Seventy disciples

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The seventy disciples or seventy-two disciples (known in the Eastern Christian traditions as the seventy[-two] apostles) were early emissaries of Jesus mentioned in the Gospel of Luke.[1] According to Luke, the only gospel in which they appear, Jesus appointed them and sent them out in pairs on a specific mission which is detailed in the text.

Seventy disciples
Icon of the Seventy Apostles
Venerated in
Feast4 January (Eastern Orthodoxy)

In Western Christianity, they are usually referred to as disciples,[2] whereas in Eastern Christianity they are usually referred to as apostles.[3] Using the original Greek words, both titles are descriptive, as an apostle is one sent on a mission (the Greek uses the verb form: apesteilen) whereas a disciple is a student, but the two traditions differ on the scope of the words apostle and disciple.


The passage from Luke 10 reads (in Douay–Rheims Bible):

'And after these things the Lord appointed also other seventy-two: and he sent them two and two before his face into every city and place whither he himself was to come.

And he said to them: The harvest indeed is great, but the labourers are few. Pray ye therefore the Lord of the harvest, that he send labourers into his harvest.

Go: Behold I send you as lambs among wolves.

Carry neither purse, nor scrip, nor shoes; and salute no man by the way.

Into whatsoever house you enter, first say: Peace be to this house.

And if the son of peace be there, your peace shall rest upon him; but if not, it shall return to you.

And in the same house, remain, eating and drinking such things as they have: for the labourer is worthy of his hire. Remove not from house to house.

And into what city soever you enter, and they receive you, eat such things as are set before you.

And heal the sick that are therein, and say to them: The kingdom of God is come nigh unto you.

But into whatsoever city you enter, and they receive you not, going forth into the streets thereof, say:

Even the very dust of your city that cleaveth to us, we wipe off against you. Yet know this, that the kingdom of God is at hand.

I say to you, it shall be more tolerable at that day for Sodom, than for that city.

Woe to thee, Corozain, woe to thee, Bethsaida. For if in Tyre and Sidon had been wrought the mighty works that have been wrought in you, they would have done penance long ago, sitting in sackcloth and ashes.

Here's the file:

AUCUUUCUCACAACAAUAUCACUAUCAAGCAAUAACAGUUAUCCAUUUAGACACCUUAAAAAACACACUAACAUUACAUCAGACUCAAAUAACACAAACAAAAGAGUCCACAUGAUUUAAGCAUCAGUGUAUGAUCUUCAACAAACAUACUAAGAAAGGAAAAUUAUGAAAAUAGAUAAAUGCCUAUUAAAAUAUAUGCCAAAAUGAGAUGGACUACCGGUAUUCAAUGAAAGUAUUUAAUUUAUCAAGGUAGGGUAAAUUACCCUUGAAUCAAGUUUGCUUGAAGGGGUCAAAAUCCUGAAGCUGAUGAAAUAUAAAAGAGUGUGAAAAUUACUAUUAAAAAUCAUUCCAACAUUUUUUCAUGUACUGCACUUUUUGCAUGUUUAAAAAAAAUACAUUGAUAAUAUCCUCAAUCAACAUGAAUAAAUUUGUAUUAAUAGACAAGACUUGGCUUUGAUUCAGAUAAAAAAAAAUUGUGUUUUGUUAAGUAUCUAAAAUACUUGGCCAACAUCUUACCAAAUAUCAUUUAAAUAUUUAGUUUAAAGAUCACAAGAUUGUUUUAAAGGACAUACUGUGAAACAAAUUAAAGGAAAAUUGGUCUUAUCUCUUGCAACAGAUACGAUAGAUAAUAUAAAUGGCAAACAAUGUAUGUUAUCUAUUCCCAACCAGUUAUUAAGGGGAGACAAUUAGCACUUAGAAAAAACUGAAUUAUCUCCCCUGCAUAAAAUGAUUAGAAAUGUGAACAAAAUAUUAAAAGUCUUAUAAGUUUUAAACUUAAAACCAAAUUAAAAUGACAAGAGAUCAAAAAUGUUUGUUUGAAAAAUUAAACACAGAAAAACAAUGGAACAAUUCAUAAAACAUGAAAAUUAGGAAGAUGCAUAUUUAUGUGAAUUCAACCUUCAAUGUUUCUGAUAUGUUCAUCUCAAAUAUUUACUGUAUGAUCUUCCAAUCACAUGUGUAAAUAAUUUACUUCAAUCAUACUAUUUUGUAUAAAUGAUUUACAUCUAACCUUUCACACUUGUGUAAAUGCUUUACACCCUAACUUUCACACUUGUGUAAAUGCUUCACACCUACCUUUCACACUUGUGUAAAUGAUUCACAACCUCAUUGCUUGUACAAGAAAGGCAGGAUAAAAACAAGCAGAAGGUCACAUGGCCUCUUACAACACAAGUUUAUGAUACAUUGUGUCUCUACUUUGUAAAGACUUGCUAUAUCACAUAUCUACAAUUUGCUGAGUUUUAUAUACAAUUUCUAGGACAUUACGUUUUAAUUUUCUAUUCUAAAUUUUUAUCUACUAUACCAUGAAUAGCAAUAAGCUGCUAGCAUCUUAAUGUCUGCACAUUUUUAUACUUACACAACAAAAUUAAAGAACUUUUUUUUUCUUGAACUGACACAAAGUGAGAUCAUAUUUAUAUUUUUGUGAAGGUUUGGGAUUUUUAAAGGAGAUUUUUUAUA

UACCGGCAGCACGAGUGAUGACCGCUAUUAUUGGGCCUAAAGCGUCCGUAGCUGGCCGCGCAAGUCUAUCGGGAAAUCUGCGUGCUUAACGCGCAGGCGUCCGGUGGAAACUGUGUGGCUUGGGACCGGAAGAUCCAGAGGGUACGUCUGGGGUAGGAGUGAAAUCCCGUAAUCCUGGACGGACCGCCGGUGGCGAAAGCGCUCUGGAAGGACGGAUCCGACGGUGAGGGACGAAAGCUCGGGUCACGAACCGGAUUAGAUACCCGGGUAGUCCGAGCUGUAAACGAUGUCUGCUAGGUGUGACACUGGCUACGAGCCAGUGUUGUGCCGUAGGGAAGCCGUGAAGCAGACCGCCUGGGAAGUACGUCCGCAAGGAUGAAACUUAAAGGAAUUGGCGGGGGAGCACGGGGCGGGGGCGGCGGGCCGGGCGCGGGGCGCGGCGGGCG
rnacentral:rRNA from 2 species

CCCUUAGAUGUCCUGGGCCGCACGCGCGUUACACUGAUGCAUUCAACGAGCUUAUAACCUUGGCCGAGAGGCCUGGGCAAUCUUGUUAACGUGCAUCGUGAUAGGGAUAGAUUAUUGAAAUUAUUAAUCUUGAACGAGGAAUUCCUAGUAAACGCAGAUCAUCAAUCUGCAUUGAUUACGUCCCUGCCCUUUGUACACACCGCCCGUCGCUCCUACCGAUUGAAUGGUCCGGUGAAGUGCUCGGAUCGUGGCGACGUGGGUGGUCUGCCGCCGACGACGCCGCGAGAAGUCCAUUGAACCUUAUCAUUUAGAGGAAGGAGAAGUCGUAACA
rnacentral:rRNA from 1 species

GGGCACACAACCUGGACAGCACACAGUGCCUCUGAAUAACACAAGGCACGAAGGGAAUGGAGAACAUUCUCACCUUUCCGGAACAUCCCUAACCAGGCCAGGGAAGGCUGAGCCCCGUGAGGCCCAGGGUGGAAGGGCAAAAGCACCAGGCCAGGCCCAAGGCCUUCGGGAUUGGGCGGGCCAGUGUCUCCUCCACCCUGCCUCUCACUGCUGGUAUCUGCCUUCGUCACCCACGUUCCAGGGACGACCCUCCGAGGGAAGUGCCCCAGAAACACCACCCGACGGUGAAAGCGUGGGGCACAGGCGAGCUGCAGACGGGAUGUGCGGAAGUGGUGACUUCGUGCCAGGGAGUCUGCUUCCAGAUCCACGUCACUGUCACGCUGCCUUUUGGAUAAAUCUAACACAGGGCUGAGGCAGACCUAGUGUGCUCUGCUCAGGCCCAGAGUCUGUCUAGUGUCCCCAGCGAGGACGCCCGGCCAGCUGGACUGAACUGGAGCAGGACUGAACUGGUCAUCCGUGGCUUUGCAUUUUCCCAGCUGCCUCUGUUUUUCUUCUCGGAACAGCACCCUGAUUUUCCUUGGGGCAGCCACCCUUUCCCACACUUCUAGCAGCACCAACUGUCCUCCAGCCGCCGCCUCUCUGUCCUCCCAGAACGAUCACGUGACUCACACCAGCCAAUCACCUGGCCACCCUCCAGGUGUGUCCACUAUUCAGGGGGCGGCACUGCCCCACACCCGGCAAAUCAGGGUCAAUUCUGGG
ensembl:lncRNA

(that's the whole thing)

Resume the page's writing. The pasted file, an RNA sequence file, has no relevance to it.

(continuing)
But it shall be more tolerable for Tyre and Sidon at the judgement, than for you.

And thou, Capharnaum, which art exalted unto heaven, thou shalt be thrust down to hell.

He that heareth you, heareth me; and he that despiseth you, despiseth me; and he that despiseth me, despiseth him that sent me.

And the seventy-two returned with joy, saying: Lord, the devils also are subject to us in thy name.

And he said to them: I saw Satan like lightning falling from heaven.

Behold, I have given you power to tread upon serpents and scorpions, and upon all the power of the enemy: and nothing shall hurt you.

But yet rejoice not in this, that spirits are subject unto you; but rejoice in this, that your names are written in heaven.

In that same hour, he rejoiced in the Holy Ghost, and said: I confess to thee, O Father, Lord of heaven and earth, because thou hast hidden these things from the wise and prudent, and hast revealed them to little ones. Yea, Father, for so it hath seemed good in thy sight.'[4]


This is the only mention of the group in the Bible. The number is seventy in some manuscripts of the Alexandrian (such as Codex Sinaiticus) and Caesarean text traditions but seventy-two in most other Alexandrian and Western texts. It may derive from the seventy nations of Genesis 10 or the many other occurrences of the number seventy in the Bible, or the seventy-two translators of the Septuagint from the Letter of Aristeas.[5] In translating the Vulgate, Jerome selected the reading of seventy-two.

The Gospel of Luke is not alone among the synoptic gospels in containing multiple episodes in which Jesus sends out his followers on missions. The first occasion (Luke 9:1–6) is closely based on the "limited commission" mission in Mark Mark 6:6–13, which however recounts the sending out of the twelve apostles, rather than seventy, though with similar details. The parallels (also Matthew Matthew 9:35, Matthew 10:1, Matthew 10:5–42) suggest a common origin in the hypothesized Q document. Luke also mentions the Great Commission to "all nations" (Luke 24:44–49) but in less detail than Matthew's account and Mark 16:19–20 mentions the Dispersion of the Apostles.

What has been said to the seventy (two) in Luke 10:4 is referred in passing to the Twelve in Luke 22:35:

He said to them, "When I sent you forth without a money bag or a sack or sandals, were you in need of anything?" "No, nothing," they replied.

Feast daysEdit

Erastus, Olympus, Rhodion, Sosipater, Quartus and Tertius
Stachys, Amplias, Urban
Patrobulus, Hermas, Linus, Caius, Philologus
Sosthenes, Apollo, Cephas, Tychicus, Epaphroditus, Cæsar and Onesiphorus

The feast day commemorating the seventy is known as the "Synaxis of the Seventy Apostles" in Eastern Orthodoxy, and is celebrated on January 4. Each of the seventy apostles also has individual commemorations scattered throughout the liturgical year (see Eastern Orthodox Church calendar).

The record by HippolytusEdit